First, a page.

Helpless to save his sister, Theon is confronted by Jon in Dragonstone. Jon assures him of his identity claiming he is a Greyjoy and a Stark and urges him to save his sister. This conversation and the remembrance of Yara being the only one to try to save him from the Reek state of himself, fuels Theon to ultimately winning back the Ironborns with him and sets sail for Yara’s rescue which he finally does, quite valiantly.

Now, we seem to have Theon Greyjoy amongst us again. He asks permission from his sister to join the Battle of Winterfell, to fight for the Starks, to fight for the living. We see an emotional reunion of Sansa and Theon upon his arrival to Winterfell which shows the bonding between the two which might be one of the most important factors to save Theon from fully losing himself to Reek.


Theon volunteers to be with Bran Stark under the Weirwood tree at Godswood where they wait for the Night King to come. Here, the show gives a throwback to the first season, where Theon promises to stand behind the Starks if there comes a day when a battle will be fought in Godswood. When the long night arrives, we see Theon and his men protecting Bran, the very Stark whom he forced to leave Winterfell once. Riding on his redemption arc, we see a different Theon that night with his infamous archery skills coming to use. He stood by Bran protecting him making use of all the arrows he had. But sadly, the Night King approaches through the mist. We get an emotional conversation between him and Bran in the final moment where Bran gives closure to him by forgiving and praising him.

Acknowledging yet ignoring that it is deadly for him, Theon charges at the Night King with a dragon-glass spear. But the Night King easily stops him and takes seconds to break his spear and kills Theon by stabbing him into the stomach. Theon falls on the ground and bleeds to death.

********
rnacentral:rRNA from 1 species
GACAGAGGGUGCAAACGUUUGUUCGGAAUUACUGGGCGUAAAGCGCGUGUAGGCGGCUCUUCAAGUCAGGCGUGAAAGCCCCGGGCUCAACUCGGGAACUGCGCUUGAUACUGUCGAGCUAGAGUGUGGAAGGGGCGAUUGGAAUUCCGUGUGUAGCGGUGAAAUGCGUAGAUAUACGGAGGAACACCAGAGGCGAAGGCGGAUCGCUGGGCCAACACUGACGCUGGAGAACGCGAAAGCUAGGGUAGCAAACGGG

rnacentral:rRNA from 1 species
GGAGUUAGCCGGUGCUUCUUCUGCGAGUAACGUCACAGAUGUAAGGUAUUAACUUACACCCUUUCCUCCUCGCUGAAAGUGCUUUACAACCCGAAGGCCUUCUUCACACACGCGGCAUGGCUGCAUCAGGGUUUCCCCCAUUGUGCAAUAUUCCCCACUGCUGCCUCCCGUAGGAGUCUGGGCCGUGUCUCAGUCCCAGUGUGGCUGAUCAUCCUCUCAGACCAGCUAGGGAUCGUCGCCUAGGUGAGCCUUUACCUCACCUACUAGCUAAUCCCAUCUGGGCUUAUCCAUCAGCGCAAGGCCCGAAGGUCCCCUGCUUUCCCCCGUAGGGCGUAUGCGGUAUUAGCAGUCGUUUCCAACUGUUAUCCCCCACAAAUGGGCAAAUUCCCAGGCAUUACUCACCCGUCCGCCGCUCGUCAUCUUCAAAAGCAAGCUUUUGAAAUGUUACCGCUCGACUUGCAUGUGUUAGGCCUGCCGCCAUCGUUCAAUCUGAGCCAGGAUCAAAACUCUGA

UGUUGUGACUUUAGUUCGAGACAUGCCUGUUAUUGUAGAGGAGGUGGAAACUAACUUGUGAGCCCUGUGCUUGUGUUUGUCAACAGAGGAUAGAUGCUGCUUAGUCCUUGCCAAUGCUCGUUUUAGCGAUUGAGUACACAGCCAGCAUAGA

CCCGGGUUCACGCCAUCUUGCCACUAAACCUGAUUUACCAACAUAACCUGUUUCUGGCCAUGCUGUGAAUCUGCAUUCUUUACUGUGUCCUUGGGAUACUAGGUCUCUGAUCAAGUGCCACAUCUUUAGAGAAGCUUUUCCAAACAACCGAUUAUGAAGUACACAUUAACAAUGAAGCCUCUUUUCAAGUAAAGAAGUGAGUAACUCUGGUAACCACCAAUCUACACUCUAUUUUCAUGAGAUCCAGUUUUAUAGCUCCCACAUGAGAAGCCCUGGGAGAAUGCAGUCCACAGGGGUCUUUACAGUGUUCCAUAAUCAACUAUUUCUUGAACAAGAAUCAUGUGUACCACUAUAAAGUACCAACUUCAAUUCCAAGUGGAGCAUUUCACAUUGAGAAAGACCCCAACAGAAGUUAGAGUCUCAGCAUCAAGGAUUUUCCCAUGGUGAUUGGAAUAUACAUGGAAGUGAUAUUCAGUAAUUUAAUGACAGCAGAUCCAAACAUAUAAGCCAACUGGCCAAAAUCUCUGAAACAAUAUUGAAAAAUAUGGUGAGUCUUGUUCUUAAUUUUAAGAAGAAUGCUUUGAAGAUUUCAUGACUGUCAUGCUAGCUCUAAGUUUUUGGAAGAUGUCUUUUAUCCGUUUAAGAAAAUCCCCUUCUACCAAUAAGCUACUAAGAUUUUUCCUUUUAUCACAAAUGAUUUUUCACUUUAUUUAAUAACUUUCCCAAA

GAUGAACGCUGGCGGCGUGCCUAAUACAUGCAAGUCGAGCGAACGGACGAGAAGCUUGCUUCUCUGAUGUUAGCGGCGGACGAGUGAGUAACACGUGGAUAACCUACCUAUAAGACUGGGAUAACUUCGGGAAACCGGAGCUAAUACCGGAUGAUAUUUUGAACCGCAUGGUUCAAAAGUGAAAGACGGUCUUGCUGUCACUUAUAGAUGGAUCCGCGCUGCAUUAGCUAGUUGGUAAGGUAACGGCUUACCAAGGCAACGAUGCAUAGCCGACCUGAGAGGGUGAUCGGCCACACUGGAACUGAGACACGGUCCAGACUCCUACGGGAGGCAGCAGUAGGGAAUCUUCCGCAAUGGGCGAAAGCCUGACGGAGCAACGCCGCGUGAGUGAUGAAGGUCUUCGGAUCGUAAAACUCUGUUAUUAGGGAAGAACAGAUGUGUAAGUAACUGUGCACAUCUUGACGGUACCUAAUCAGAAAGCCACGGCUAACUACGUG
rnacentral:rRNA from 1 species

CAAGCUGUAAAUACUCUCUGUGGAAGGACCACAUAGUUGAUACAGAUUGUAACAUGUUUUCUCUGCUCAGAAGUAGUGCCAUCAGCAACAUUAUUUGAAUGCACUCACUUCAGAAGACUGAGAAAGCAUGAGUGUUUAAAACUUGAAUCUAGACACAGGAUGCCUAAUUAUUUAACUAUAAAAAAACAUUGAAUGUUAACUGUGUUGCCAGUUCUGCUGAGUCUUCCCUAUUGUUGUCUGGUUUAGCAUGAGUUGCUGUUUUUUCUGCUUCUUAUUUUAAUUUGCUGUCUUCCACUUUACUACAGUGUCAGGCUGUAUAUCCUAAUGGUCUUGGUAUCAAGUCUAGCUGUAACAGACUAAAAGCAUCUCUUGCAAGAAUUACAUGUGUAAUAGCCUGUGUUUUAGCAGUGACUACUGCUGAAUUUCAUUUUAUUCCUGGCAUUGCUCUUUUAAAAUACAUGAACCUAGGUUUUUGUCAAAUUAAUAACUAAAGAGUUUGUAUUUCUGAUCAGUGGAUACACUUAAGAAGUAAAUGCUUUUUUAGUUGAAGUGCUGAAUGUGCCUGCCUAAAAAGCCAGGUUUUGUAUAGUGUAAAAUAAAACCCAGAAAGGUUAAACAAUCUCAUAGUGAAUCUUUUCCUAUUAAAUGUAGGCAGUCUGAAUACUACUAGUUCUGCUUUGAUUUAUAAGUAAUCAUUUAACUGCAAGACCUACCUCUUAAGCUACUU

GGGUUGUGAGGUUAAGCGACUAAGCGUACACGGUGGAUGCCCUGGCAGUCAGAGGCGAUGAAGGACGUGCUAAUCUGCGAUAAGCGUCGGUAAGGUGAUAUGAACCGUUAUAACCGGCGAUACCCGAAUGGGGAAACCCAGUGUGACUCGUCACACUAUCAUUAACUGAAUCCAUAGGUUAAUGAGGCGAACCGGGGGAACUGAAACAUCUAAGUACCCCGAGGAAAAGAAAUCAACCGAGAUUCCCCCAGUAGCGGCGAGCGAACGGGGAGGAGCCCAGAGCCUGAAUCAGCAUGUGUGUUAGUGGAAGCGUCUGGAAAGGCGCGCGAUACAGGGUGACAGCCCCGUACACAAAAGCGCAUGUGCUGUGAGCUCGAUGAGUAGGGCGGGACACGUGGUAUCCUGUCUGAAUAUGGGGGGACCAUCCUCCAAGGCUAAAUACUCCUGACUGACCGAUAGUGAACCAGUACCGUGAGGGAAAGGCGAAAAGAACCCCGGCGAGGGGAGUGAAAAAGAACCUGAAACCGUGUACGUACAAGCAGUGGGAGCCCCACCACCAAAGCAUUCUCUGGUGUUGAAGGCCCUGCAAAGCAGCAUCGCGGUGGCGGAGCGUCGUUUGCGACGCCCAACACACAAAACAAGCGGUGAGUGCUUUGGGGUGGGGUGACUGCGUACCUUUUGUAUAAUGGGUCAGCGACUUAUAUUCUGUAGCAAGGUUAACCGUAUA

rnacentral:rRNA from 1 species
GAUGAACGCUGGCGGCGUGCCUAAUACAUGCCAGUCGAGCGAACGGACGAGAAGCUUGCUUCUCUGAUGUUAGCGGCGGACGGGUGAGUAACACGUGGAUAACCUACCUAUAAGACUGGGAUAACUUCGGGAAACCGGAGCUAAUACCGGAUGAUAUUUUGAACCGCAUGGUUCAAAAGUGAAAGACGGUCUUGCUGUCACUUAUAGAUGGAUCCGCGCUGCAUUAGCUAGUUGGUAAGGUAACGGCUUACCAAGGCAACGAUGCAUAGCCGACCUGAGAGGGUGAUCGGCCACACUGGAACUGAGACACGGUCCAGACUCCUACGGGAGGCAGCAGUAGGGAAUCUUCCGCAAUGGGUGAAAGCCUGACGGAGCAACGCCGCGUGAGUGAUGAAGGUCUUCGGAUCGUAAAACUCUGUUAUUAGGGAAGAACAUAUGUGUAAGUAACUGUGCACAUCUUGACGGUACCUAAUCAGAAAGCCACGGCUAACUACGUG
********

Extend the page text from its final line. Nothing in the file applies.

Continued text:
Undoubtedly, Theon Greyjoy’s character development is one of the best in Game of Thrones so far. The emotional journey of ups and downs was delivered perfectly by Alfie Allen, the brilliant actor who portrays Theon Greyjoy in the television show.

The viewers did not care for Theon first, giving him very little importance. We hated him for all his misdeeds and violent acts. Slowly, we started feeling bad for him as he lost all his honour and courage. He made himself better and we started growing empathy and likeness towards him. After that, we misunderstood him and lost all our faith. And finally, he redeemed himself. We felt proud of him for becoming a man with honour. In the end, we were mournful when he gave his life trying to save the Three-Eyed Raven.

Theon Greyjoy is not about conquering Winterfell, burning children and rescuing Yara. He is about being cocky and arrogant to mask his insecurities of being a hostage to a family who could never really call him their own. He is about being mentally broken to the highest state by years of torture and being captive. He is about regaining it all back for what he loves truly- his sister, his Ironborn blood, and of course, the Starks of Winterfell.

Even though Theon Greyjoy made us feel all the shades of emotions, we have one thing to say to him,

“Theon, you’re a good man. Thank you.”